• Transforming data after receiving an event upon a file upload to a Cloud Storage bucket
  • Processing your Google Cloud operations suite logs with Cloud Run by exporting them to Pub/Sub
  • Publishing and processing your own custom events from your Cloud Run services

Running services on a schedule: You can use Cloud Scheduler to securely trigger a Cloud Run service on a schedule. This is similar to using cron jobs. Possible use cases include:

  • Performing backups on a regular basis
  • Performing recurrent administration tasks, such as regenerating a sitemap or deleting old data, content, configurations, synchronizations, or revisions
  • Generating bills or other documents

Executing asynchronous tasks: You can use Cloud Tasks to securely enqueue a task to be asynchronously processed by a Cloud Run service. Typical use cases include:

  • Handling requests through unexpected production incidents
  • Smoothing traffic spikes by delaying work that is not user-facing
  • Reducing user response time by delegating slow background operations, such as database updates or batch processing, to be handled by another service, 
  • Limiting the call rate to backend services like databases and third-party APIs

Events from Eventrac: You can trigger Cloud Run with events from more than 60 Google Cloud sources. For example:

  • Use a Cloud Storage event (via Cloud Audit Logs) to trigger a data processing pipeline 
  • Use a BigQuery event (via Cloud Audit Logs) to initiate downstream processing in Cloud Run each time a job is completed

How is Cloud Run different from Cloud Functions?

Cloud Run and Cloud Functions are both fully managed services that run on Google Cloud’s serverless infrastructure, auto-scale, and handle HTTP requests or events. They do, however, have some important differences:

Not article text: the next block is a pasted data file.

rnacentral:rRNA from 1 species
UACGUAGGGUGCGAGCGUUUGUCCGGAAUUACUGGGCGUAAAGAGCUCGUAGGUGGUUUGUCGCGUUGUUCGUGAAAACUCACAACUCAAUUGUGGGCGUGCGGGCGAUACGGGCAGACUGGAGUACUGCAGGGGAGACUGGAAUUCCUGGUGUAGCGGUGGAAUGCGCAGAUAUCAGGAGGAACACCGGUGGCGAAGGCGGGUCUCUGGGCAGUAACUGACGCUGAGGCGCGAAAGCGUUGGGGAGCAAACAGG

• Cloud Functions lets you deploy snippets of code (functions) written in a limited set of programming languages, while Cloud Run lets you deploy container images using the programming language of your choice. 
  • Cloud Run also supports the use of any tool or system library from your application; Cloud Functions does not let you use custom executables. 
  • Cloud Run offers a longer request timeout duration of up to 60 minutes, while with Cloud Functions the requests timeout can be set as high as 9 mins
  • Cloud Functions only sends one request at a time to each function instance, while by default Cloud Run is configured to send multiple concurrent requests on each container instance. This is helpful to improve latency and reduce costs if you’re expecting large volumes. 


Cloud Run comes with a generous free tier and is pay per use, which means you only pay while a request is being handled on your container instance. If it is idle with no traffic, then you don’t pay anything.


After learning about the ease of set up, scalability, and management capabilities of Cloud Run the Mindful Containers team is using it to deploy stateless microservices. If you are interested in learning more, check out the documentation.

For more #GCPSketchnote, follow the GitHub repo. For similar cloud content follow me on Twitter @pvergadia and keep an eye out on

By: Priyanka Vergadia (Developer Advocate, Google)
Source: Google Cloud Blog